The country and continent are facing unprecedented times with never a greater need for societies to be pulling together to protect and preserve lives, wellbeing and values. Alongside the 2.8 million Scots on pensions and social security benefits, almost 1 in 4 of the workforce are self- employed, entrepreneurs or other members of the precariat. For the health of each of them, and so of us all given the need for everyone to have protection from illness and Covid-19 especially, the basic needs of all must be our first priority.
We know this disease will be spread unnecessarily and rapidly by the unwell having to work, shop, travel and generally be in social contact if they cannot afford to stay home and get better. Warm homes, good nourishment and freedom from worry over bills for everyone means we need a concerted and inclusive effort across society to remove a lack of income driving our fellow citizens into the streets, shops and workplaces. Rationing in wartime is required when basic goods are in shortage; our supermarkets, energy suppliers and other providers of essential goods and services say we are not in that position as supply chains continue to be robust, although subject to glitches when there is panic buying.
The real barrier to achieving a manageable crisis is the threat to a basic income for each and every member of our society an economy. Because many are facing losing their jobs, are not entitled to redundancy pay, are having to work regardless of whether they may be ill, have no sick pay nor holiday pay, and without the other elements of the National Insurance system we are creating an economic crisis. Simply reducing interest rates, relaxing mortgage deadlines, bailing out particular sectors and the other sectoral initiatives cannot help the self-employed and entrepreneurs without savings, those on short-term and zero hour contracts who are usually living from hand to mouth; between a quarter and a third of households have no savings, many others will exhaust theirs within weeks. To maintain effective demand in the economy, to ensure the sick do not have to work and so spread Covid-19, it is essential that there is a quick and effective means to ensure that everyone has a basic income.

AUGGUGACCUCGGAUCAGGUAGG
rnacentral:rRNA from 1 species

Putting money into the hands of the poorest and most threatened by the current emergency will help maintain spending on essentials, on rents and energy – and support local small businesses far more effectively, efficiently and sustainably over a longer period of time than handouts to airlines, banks and investors. With a basic income we are better able to manage Covid-19, we save lives and promote health, we keep spending and investment in the essentials of life for after the crisis, and we confirm that we are a society and all in this together. CBINS therefore supports the calls for the introduction of a basic income without delay, at this time for all recognising that security for one is a public good: we all benefit.
Citizen’s Basic Income Network Scotland